DENVER — The Colorado Department of Agriculture is anticipating that about 80,000 acres, or 125 square miles, will be set aside and registered to grow hemp this year.
It's not a lot compared to the 36.2 million acres in agricultural land, or 2.2 million acres dedicated to wheat, but the CDA said it is diversifying the state's agricultural commodities.
Glenn Hollis, the inspection and consumer services division director with the department, said they have been watching a surge in farmers register to grow hemp. The industry has especially taken off in Colorado since hemp was legalized under federal law in December by the 2018 Agricultural Improvement Act, commonly known as the Farm Bill.
"Number of registrants, hemp farmers registering under the CDA hemp program has doubled year after year," said Hollis.
And while the state is interested in watching the industry grow, it's also working to regulate it.
With the passing of the Farm Bill, the CDA started the CHAMP initiative, or the Colorado Hemp Advancement and Management Plan, to both regulate the hemp industry, as well as provide it economic opportunities to grow.
Hollis said it's important for the state to come up with a framework for regulations sooner rather than later.
"Regulation is always going to have a lag behind the industry, because the industry is going to be innovating, and that's fine," said Hollis.
The CHAMP initiative is expected to last a year, expiring in spring 2020. Hollis said the program focuses on several topics, like explaining how to safely transport hemp through the state and across state lines, clarifying which documents law enforcement should look for to verify a legal hemp load versus illegal marijuana, and banking. There is also a public health component.
Legal hemp has to have .3% or less of THC, the part of marijuana that makes users high. Any more than that means the product can be considered illegal marijuana and non-compliant with the law.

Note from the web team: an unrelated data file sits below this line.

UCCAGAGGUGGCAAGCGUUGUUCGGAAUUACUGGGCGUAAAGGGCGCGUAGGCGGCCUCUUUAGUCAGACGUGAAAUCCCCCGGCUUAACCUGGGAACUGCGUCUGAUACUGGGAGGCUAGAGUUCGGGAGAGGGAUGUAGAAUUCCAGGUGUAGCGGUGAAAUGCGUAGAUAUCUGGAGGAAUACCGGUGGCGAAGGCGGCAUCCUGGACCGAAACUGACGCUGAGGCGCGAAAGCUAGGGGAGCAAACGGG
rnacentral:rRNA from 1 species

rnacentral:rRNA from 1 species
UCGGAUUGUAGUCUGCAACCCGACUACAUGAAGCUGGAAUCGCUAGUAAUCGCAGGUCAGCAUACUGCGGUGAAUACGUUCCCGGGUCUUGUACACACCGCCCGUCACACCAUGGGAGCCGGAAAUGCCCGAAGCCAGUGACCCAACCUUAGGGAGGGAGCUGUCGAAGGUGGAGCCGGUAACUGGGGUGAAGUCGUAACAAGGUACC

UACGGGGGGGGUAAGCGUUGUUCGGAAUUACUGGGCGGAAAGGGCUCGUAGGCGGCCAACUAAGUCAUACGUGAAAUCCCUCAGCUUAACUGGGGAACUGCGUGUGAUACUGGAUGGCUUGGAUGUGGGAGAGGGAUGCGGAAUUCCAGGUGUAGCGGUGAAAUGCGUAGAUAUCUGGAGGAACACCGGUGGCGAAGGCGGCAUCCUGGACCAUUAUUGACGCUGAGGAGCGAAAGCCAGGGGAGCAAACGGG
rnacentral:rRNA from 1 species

However, the industry is new enough that science is still catching up, which means finding out the best times and ways to harvest the product for accuracy.
"It's an ongoing conversation, not just in Colorado, but nationally regarding testing methods, when we should be testing, testing in the field, post-testing, the proper time to harvest," said Hollis.
Hemp was previously considered a controlled substance, meaning research and development efforts were stopped int the U.S. for more than half a century. But the 2014 and 2018 Farm Bills changed that, allowing pilot programs and the eventual nationwide legalization.
The market opened up quickly and technology is trying to keep pace, according to the CDA, which said it's smart for the state to work alongside farmers and people working in the hemp industry.
Justin Henderson with Peak Dispensary started researching hemp 11 years ago and currently grows it in several states, including Colorado. He said there are already safeguards being used to make sure hemp is harvested properly, which includes state testing on plants. He, too, said that timing is very important.
"There is always a window for cultivation and harvesting," said Henderson. "You have to leave enough time on the back end after it's been tested, so it doesn't go hot."
Henderson said any legitimate company would also list what's in their products on their labels.
Since federal legalization, some hemp prices skyrocketed from around $40 a pound to as much as $700, according to Henderson.
Hemp can be used in clothing, foods, health care products. Henderson said some people are also using it for anxiety and PTSD but there is still more research being done on the medicinal benefits of hemp.
SUGGESTED VIDEOS: Next with Kyle Clark